In this post I will talk about the first steps we took in “DevOps-ifying” the large traditional company I have worked for but before kicking off let me first shortly summarize the previous two posts (intro and problems) of the series:
I started off with a theoretical approach towards DevOps, explaining the
two three (*) business benefits:
- The business wants the software to change as fast as possible
- The business wants the existing IT services to remain stable
- The business wants to get these two benefits as cheap and efficiently as possible
(*) I initially had only the first two but I added a third one to be aligned with chapter 7 of Gene Kim‘s “The Top 11 Things You Need To Know About DevOps” whitepaper (available on itrevolution.com after signing up)
The solution was to introduce DevOps on three levels: process (make it as rational and consistent as possible), tools (automate the process, especially where things must happen fast or in high volume) and culture (changing how people think, which is the most difficult and time consuming part).
I also added two remarks that I would like to keep in mind in the remainder of this post:
First of all, this territory of applying DevOps to a traditional enterprise is relatively new so we should be very cautious each step we take and see if what we try to do really makes sense. What has worked for others (the modern companies) may not necessarily work for us because we have an existing structure to take into account.
And secondly, as fiddling with the software delivery process in a large enterprise is a huge undertaking that has impacts on many people in many departments, we should iterate in small steps towards a better situation and start by tackling the biggest and simplest problems first, optimizing and automating where appropriate. This way we leave the time for the people to get used to the new process.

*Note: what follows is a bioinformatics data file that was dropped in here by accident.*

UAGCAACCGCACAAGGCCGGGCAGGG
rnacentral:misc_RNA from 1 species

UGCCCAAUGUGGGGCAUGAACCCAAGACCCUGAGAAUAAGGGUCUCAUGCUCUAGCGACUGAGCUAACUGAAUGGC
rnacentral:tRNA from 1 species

In my second post I talked about these “biggest and simplest” problems that existed in a traditional company:
- The exponentially increasing need for release coordination, which was characterized by it’s manual nature, and the pressure it exerted on the deployment window
- The inconsistent, vague, incomplete and/or erroneous deployment instructions
- The problems surrounding configuration management: being too vague and not reliable due to the manual nature of keeping track of them
- The manual nature of testing happening at the end of a long process meaning that it must absorb all upstream planning issues – this eventually causes the removal of any not signed-off change requests
- The desire by the developers to sneak in late features into the release and thereby bypassing the validations
These problems were caused (or at least permitted) by the way the IT department was organized, more precisely:
- The heterogeneity of the application landscape, the development teams and the ops teams
- The strong focus on the integration of the business applications and the high degree of coupling between them
- The manual nature of configuration management, release management, acceptance testing, server provisioning and environment creation
- The low frequency of the releases
Going back to the theoretical benefits of DevOps, in this case there was definitely a more urgent need for improving the quality and efficiency (the second and third benefit) than there was one for improving the speed of delivery (the first one).
Let us have a look now at the first steps we took in getting these problems solved: bringing configuration management under control.
It was quite obvious to me that we should start by bringing configuration management under control as it is the core of the whole ecosystem. A lot of building blocks were already present, it was only a matter of gluing them together and filling up the remaining gaps
This first step consisted of three sub-steps:
- Getting a mutual agreement on the structure of configuration management
- The implementation of a configuration management system (CMS) and a software repository – or definitive media library (DML) in ITIL terms
- The integration with the existing change management tool, build/continuous integration tools and deployment scripts
We decided to create three levels of configuration items (CI’s): on top the level of the business application. Business applications can be seen as the “units of service” that the IT department provides to the business. Below it the level of the software component. A software component refers to a deployable software package like third party application, a web application, a logical database or a set of related ETL flows and consists of all files that are needed to deploy the component. And on the bottom the level of the source code that consists of the files that are needed to build the component.